Tuesday, February 15, 2011

Book Club:  Imagination Method #5

How-to books can be annoying oversimplifications for negotiating life, but not Anthony Esolen's Ten Ways to Destroy the Imagination of Your Child.

Chapter after chapter he guides us through a wide variety of literature and shows us how it applies to every day lives.

Continuous critical and damaging remarks on persons, places, and things have altered not only the literal landscapes of our country, but also the literary places of our imaginations.

Esolen is heroic in his efforts to help us remember, recognize, and realize.

With copious examples from literature, Esolen directs the focus of  parents to four areas:  the gathering of communities (holidays), honoring our elders (heroes), loving the land (terra firma), and remembering history (genealogy).

Frankly, when I was reading some of these epics and stories in high school and college, I struggled just to grasp the surface meanings.  It was in French that I read portions of La Chanson de Roland, in Latin that I read the Aeneid.  I thought Flannery O'Connor was weird (kinda still do) and that poets are difficult to understand (some still are).

This past Saturday I took a field trip with DD#3, one of her college friends, and one of my nephews.  We three visited Andalusia Farm (Mary Flannery's homestead) in Milledgeville, GA, walking all over the property, visiting O'Connor's grave, and attending mass at her family church (Sacred Heart).

First, we set the tone by eating together (link to Blue Willow).

Thankfully, imaginations can be revived.


  1. I never read these in school (or ever), but I love the way he makes them accessible.

  2. When we lived in Valdosta, there was a big white house on a hill that I passed often while running errands. They kept peafowl. Ever since then I've wanted to live in a big white house on hill and have peafowl on the lawn, so when I learned, several years ago, that Flannery O'Connor's home was like that, I decided to try her again (I'd read one short story in college and didn't like it). I've still only read that one story, "Revelation," and I've read it often enough now that I know why I didn't like, and why it still bothers me -- she points her finger at me. At my sin. Not at my icky sins, but at the sins I like to think of as virtues.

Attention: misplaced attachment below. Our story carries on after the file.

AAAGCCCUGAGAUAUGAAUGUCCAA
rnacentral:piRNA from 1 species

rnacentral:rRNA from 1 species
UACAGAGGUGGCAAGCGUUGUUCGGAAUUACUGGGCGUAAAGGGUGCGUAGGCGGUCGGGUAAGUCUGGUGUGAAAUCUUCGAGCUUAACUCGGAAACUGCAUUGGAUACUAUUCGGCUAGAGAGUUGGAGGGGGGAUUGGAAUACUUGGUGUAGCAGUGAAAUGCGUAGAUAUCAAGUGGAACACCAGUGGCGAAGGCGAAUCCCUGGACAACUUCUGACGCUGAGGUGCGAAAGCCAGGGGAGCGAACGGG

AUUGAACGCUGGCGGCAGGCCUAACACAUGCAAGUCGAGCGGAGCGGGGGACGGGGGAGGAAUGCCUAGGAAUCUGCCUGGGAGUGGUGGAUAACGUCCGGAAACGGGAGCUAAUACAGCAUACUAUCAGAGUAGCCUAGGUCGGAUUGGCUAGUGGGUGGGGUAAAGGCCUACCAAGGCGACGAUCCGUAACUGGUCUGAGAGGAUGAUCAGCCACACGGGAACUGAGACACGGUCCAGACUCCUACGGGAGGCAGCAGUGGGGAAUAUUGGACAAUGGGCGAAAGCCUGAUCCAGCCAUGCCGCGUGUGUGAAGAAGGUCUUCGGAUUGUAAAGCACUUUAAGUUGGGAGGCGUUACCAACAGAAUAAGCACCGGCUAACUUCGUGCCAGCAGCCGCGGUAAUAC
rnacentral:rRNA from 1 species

3. I find that part of Georgia incredibly interesting. The terrain is not pretty and yet there is something Gothic going on there that partly must explain Flannery. It certainly plays havoc with my imagination.

    What a fun trip!!

  4. I want to eat lunch at the Blue Willow! It looks amazing. :)

    You sound like you had an amazing education growing up.

  5. Such an important reminder - to remember, recognise and realise is far more important that to criticise. In fact, I'm not sure if we have the right to criticise before we have made a sincere effort to do the first three.